- Telemarketing calls that employ a prerecorded or artificial voice without the “prior express written consent” are strictly prohibited.
- Calls made using an automated telephone dialing system (ATDS) or an artificial or prerecorded voice are strictly regulated. According to the Legal Information Institute of the Cornell Law School, an ATDS is defined as “equipment which has the capacity (A) to store or produce telephone numbers to be called, using a random or sequential number generator; and (B) to dial such numbers.”
- With the exception of emergency calls or those made with prior consent, it is illegal to make ATDS calls to emergency lines (including “911” and health facility emergency numbers), or to the lines of health care providers and fire protection or law enforcement agencies. Also forbidden are ATDS calls “to the telephone line of any guest room or patient room of a hospital, health care facility, elderly home, or similar establishment,” or “to any service for which the called party is charged for the call, unless such call is made solely to collect a debt owed to or guaranteed by the United States.”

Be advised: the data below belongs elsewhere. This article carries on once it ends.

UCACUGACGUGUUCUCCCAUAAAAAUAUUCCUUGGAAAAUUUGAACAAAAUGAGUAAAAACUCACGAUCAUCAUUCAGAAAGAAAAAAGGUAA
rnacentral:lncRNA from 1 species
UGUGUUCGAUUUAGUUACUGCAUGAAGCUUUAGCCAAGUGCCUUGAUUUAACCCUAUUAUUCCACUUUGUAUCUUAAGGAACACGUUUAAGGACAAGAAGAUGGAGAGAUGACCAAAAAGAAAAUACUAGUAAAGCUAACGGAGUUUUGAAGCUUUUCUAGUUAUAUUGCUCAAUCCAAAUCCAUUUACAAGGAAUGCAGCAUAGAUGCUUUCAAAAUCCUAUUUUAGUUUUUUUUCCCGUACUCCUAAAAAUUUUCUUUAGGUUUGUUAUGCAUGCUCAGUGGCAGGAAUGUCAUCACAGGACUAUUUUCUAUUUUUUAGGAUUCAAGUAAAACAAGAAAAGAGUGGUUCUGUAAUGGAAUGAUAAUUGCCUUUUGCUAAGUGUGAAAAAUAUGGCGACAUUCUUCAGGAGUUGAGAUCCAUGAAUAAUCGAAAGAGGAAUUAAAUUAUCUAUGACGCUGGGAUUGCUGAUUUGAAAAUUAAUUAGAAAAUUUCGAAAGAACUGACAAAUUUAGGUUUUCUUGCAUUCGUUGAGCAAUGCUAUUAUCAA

Calls to Residential Phones
- Calls to residential phones can only be made between the hours of 8 am and 9 pm (recipient’s local time).
- Non-telemarketing calls made by or on behalf of a tax-exempt nonprofit organization are allowed.
- Calls employing a prerecorded or artificial voice made for purely informational purposes, such as a pharmacy calling a consumer to inform them of a ready prescription is ready, are allowed.
- Any calls made using auto-dialing (ATDS) equipment must include a provision allowing consumers to immediately (during the call) opt-out of receiving such calls.
Calls to Cell Phones
- It is illegal to make any call, except for emergency calls, using ATDS equipment without “prior express written consent”. This applies to both personal and business cell phones.
- Telemarketing calls to cell phones are strictly forbidden unless prior written consent to receive calls from that company has been given.
- Non-telemarketing calls are forbidden unless consent (not necessarily in writing) has been given.